Douglas County Division of Open Space and Natural Resources seeks to enhance the quality of life for residents by protecting wildlife habitat, natural resources, historic sites, scenic views and Douglas County’s rural heritage while providing a wide range of compatible outdoor recreation and educational opportunities.
The Douglas County Open Space Program was created in 1994 with the passage of a sixth-of-a-cent sales and use tax. Douglas County has purchased land at today’s prices, however much of the program’s revenue stream is committed to bond payments. Future land acquisition will require additional funding sources.
Douglas County seeks to protect open space by accomplishing a variety of conservation objectives including:
- Preservation of important wildlife habitat and movement corridors.
- Perpetuation of the County’s rural landscape and agricultural heritage.
- Creation of community buffers.
- Protection of scenic views, historic properties and archaeological resources.
- Enhancement of passive recreational opportunities.
- To maximize the impact of limited funding and to enhance the effectiveness of the program, the Douglas County Open Space program focuses on acquisition efforts in four priority areas throughout the County including: the Chatfield Basin, High Plateau, Cherry Creek Corridor and south I-25 Conservation Corridor.
The Vision for Open Space for Douglas County, Colorado, a plan completed in 2012, identifies lands with high conservation values from the above list, as well as water resources, iconic landscape features, high quality vegetation, and creating a network of preserved open space. The visionary plan will serve only as a guide for Douglas County to work with willing landowners.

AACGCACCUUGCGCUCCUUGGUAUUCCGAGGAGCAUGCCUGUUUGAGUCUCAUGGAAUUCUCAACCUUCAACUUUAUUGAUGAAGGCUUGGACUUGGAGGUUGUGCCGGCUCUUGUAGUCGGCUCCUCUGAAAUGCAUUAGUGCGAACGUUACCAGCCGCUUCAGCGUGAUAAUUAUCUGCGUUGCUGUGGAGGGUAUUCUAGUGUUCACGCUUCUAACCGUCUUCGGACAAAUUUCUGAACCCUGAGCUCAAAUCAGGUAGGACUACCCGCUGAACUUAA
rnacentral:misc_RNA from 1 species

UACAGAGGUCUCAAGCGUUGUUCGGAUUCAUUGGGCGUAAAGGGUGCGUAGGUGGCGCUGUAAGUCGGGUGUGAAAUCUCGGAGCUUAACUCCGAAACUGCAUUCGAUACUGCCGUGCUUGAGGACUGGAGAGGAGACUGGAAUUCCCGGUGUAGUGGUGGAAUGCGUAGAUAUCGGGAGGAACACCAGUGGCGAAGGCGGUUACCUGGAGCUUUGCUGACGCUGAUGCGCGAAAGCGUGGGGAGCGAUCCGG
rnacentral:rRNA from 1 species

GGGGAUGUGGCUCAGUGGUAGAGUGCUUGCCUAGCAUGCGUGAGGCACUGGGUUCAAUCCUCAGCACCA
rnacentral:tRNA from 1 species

Since the creation of the Open Space Sales and Use Tax in 1994, Douglas County has focused considerable effort on land acquisition – protecting 48,741 acres of open space land in the County. Staff focus is on developing and implementing management plans for these properties, including Columbine, Glendale, Greenland, Sharptail Ridge, Spruce Mountain, Dawson Butte, Spruce Meadows, and Hidden Mesa. The Division will continue to expand public access and passive recreational trails on open space land where it is appropriate.
In addition, Douglas County Open Space and Natural Resources will continue to manage natural resources through active restoration of natural habitats, noxious weed control and revegetation efforts, establishing trails that minimize impacts to native plant and wildlife communities, conducting historical renovations where possible, and providing conservation education and recreational benefits to residents.
Educational programs are important tools for land management and public awareness of Douglas County’s protected properties. Education through interpretive programs and guided hikes teach respect for natural resources and land stewardship, while allowing people to develop a sense of ownership and community service.